by Jim Burgess

One might legitimately ask why there still is a Postal Section of the Pouch and what does it mean? Let's ask that question in the present about what's there now, and in the near future (as you are reading throughout this issue of the Pouch) there may be changes that lead somewhere. The first answer you come to, on what it is NOT, is a compendium history of the entire postal Diplomacy hobby going back to the 1960s. Interestingly, as we'll come back to, there are some key links that take you to places where you can learn more about that history. But the history is not here. Next, one might ask how to define games that fit under the postal rubric. The old answer to that was that games were contained in szines that had roughly monthly deadlines and were mailed out by post and players submitted orders and press via the post. This model is dead and has been dead for some time. With this article, and since I'm leading this section of the Pouch, that's the definition we run with, I am going to define the postal Diplomacy hobby as the segment of the hobby with game turns that have deadlines that are monthly or longer. This still is a pretty small bit of the hobby. The benchmark for the Postal Diplomacy hobby is the listing of Boardman number games. In 2014, there has been precisely ONE Postal Diplomacy game start, and that is in a szine that no longer mails its issues postally, nor does it receive any orders via post. On the good side, it is in the ONE Diplomacy szine that is documented and linked on line (at least the last half of its history) here in the Postal section of the Pouch: The Abyssinian Prince, which is my szine.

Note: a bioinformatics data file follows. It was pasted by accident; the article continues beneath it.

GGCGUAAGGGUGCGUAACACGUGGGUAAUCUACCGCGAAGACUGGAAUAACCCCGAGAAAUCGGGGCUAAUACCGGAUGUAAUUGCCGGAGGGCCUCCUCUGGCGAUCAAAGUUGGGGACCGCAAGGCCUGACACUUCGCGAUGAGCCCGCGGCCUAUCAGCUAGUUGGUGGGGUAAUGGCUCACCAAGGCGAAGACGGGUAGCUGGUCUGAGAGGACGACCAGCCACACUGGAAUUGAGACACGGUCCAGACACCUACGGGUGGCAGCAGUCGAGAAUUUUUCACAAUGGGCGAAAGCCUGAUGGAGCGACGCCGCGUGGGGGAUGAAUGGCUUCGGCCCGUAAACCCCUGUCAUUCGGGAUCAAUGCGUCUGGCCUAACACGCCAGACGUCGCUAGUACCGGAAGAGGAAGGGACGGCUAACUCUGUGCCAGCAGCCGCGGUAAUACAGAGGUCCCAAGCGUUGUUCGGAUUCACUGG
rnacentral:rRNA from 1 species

Since there really isn't any significant active Postal Diplomacy hobby at the moment (and feel free to see this article, argue with me, or tell me about some remaining chunk of this hobby that I don't know about), let's go over what you CAN find by rooting around in the Postal section of this site. First, there is the "Current" Postal Diplomacy Szines Registry, which really is an historical look from about ten years ago, which really is pretty recent in a Postal Diplomacy hobby that recently passed its 50 year Golden Anniversary. On the main list of non-US szines, the only szine that I still see (and does exist in a postal version, though I only see it electronically) is Jim Reader's Variable Pig and VP doesn't even have any Diplomacy or Diplomacy game openings. The only active postal szine with Diplomacy openings that actually mails issues outside the US, and that I receive is Brendan Whyte's Damn the Consequences (Write to him at the Map Section, National Library of Australia, Parkes, ACT 2600, AUSTRALIA). The link at the bottom of this page is to the last issue, ten years ago now, of the Zine Register, that lists the US szines extant at that time. The key historical point, though and this REALLY is the link to the history of the Diplomacy Postal hobby, is the link to Jim Meinel's Encyclopedia of Diplomacy Zines. That does give you the history of practically the entire postal hobby. And at Doug Kent's site many of these old szines can be found in scanned versions, plus in the monthly deadline model, there you can see Doug's szine, currently winding down to a fold, Eternal Sunshine.. But I don't know ANY of the Zine Register #30 szines (Damn the Consequences in mentioned, but not where it is now) that currently are still going except for my The Abyssinian Prince.